Are you relocating to an international location? Moving far, far away from home can be quite intimidating, no matter how old you are. To make the process easier and the move easier to accept, there are a few things you can do to prepare in advance.
1. Establish a Timeline
Make sure you know how many months you have to pack everything up and decide what is going with you, what will be sold, what is going to be donated, and what is going into storage here in the states. If you establish a timeline with personal deadlines for everything you need to accomplish, you can feel less anxious and feel more prepared about this major transition in your life.
2. Establish a Budget and Financial Goals
Unless your employer is paying for your relocation to another country, your move is not going to be cheap. You may want to establish a budget for all of the weeks and months you have remaining until moving day. Establish some solid financial goals too; you will need to pay the international moving company, buy a plane ticket (or tickets if you have a spouse and children traveling with you), and create a slush fund for food and transportation while you travel and once you arrive in the new country. Since you will not earn a new paycheck until you have worked for a couple of weeks (at least) in the new job and new location, you will need money on which to survive.
3. Book Your International Flight and Your International Moving Company
Both your flight to the next country and your moving company should be booked months in advance so you can ensure your arrival on the expected date. Your moving company (especially since they will probably be using large shipping crates to move your stuff over the oceans) will need enough time to carry your possessions from your home in the U.S. to the coastline and then load the crate/trailer on an ocean-bound freighter. Talk to a company, like Men On The Move, for more information.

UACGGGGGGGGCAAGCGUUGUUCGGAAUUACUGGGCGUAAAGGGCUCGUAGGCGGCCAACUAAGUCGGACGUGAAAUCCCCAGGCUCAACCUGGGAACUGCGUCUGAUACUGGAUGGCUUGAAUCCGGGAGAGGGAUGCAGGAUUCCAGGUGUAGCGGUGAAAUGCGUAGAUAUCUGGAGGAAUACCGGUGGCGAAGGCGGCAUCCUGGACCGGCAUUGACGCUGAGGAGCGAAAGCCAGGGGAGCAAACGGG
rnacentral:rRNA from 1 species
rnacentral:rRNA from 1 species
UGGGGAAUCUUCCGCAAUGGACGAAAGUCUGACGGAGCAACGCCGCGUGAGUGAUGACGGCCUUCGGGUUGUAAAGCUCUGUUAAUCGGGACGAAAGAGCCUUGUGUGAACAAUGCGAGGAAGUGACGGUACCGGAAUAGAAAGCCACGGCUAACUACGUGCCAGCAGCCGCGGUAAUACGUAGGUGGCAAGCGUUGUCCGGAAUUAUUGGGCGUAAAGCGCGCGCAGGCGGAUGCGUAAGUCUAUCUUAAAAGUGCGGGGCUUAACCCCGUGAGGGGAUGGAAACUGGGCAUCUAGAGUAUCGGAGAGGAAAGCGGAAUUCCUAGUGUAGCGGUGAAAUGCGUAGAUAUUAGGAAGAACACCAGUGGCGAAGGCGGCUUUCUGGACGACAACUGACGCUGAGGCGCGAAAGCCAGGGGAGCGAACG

A couple of months is a good rule of thumb for an international flight, but six to eight weeks may be enough for your moving company. Then they can begin to apply for shipping permits and cargo room on a freighter and have it ready to receive the crate/trailer on the same day you fly out of the country.
4. Begin Packing, Sorting, Storing, and Donating
Now, as often as you are able, begin boxing up your things. Separate everything you no longer want or need from things you want to keep. Box everything up and call the thrift or charity stores that pick up items, and you can donate stuff without having to interrupt the flow of your moving activity. Stack the stuff you want to store along one wall, and place the rest as close to the front door as you can or in your garage so that the movers can start there while you continue to pack. Once everything but the bare essentials are boxed, sorted, sent to storage, or donated, you are ready for the movers to take everything else to the international shipping site.